US economy heats up with 339,000 jobs added in May

Resilient labour market has frustrated efforts by Federal Reserve to cool economy

Visitors attend the Venture Miami Tech Hiring Fair in Florida. AP
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A US employment report closely watched by the Federal Reserve exceeded expectations in May, underlining a strong labour market that is complicating the central bank's efforts to rein in rising costs.

Employers added 339,000 jobs last month, data released by the Labour Department on Friday showed, down from an upwardly revised 294,000 jobs in April. Economists surveyed by Dow Jones projected the economy to add 190,000 jobs in May.

The unemployment rate climbed 3.7 per cent, up from 3.4 per cent last month.

The labour market has remained resilient in spite of the Federal Reserve's efforts to cool the economy. The central bank has raised interest rates 10 times since March 2022 to the range of 5 and 5.25 per cent, but the US continues to add jobs at a solid pace.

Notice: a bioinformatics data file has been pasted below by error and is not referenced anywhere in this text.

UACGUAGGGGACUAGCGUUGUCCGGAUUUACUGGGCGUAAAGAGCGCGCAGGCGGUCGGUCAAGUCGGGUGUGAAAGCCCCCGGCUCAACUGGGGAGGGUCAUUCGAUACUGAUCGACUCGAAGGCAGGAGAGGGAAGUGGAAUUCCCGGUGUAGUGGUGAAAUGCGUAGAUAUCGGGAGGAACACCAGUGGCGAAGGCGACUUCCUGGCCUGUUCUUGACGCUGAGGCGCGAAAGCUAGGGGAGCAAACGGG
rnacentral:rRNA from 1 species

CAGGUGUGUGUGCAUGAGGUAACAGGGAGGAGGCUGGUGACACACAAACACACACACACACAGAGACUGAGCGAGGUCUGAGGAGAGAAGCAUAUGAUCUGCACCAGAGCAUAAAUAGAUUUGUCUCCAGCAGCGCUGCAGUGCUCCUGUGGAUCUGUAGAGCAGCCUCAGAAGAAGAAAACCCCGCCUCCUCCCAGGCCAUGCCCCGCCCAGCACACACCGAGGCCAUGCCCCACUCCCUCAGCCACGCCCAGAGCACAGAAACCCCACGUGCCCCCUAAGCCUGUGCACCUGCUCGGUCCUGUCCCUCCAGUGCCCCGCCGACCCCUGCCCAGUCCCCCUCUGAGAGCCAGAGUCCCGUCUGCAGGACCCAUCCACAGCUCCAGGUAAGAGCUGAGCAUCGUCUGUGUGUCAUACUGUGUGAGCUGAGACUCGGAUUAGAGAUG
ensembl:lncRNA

Friday's report provided the Fed with mixed messages on the state of the economy. While job gains do show a resilient labour market, the rise in unemployment was the largest since April 2020.

Meanwhile, wage growth decelerated. Average hourly earnings rose 0.3 per cent last month and 4.3 per cent on an annual basis, down from 4.4 per cent last month.

A separate Labour Department report on Wednesday showed that job openings increased to 10.1 million in April.

The mixed messages from Friday's report comes at a time when the Fed is considering pausing its interest rate increases.

Fed Governor and vice chairman nominee Philip Jefferson said this week that skipping a rate hike at a coming meeting would allow the Fed to assess more data before it decides on additional policy firming.

Patrick Harker, who heads the Federal Reserve Bank in Philadelphia, also said “we should at least skip this meeting in terms of an increase”.

More than 75 per cent of traders anticipate a rate pause at the conclusion of the Federal Open Market Committee's two-day meeting on June 14, data from the CME Group shows.

Updated: June 02, 2023, 1:19 PM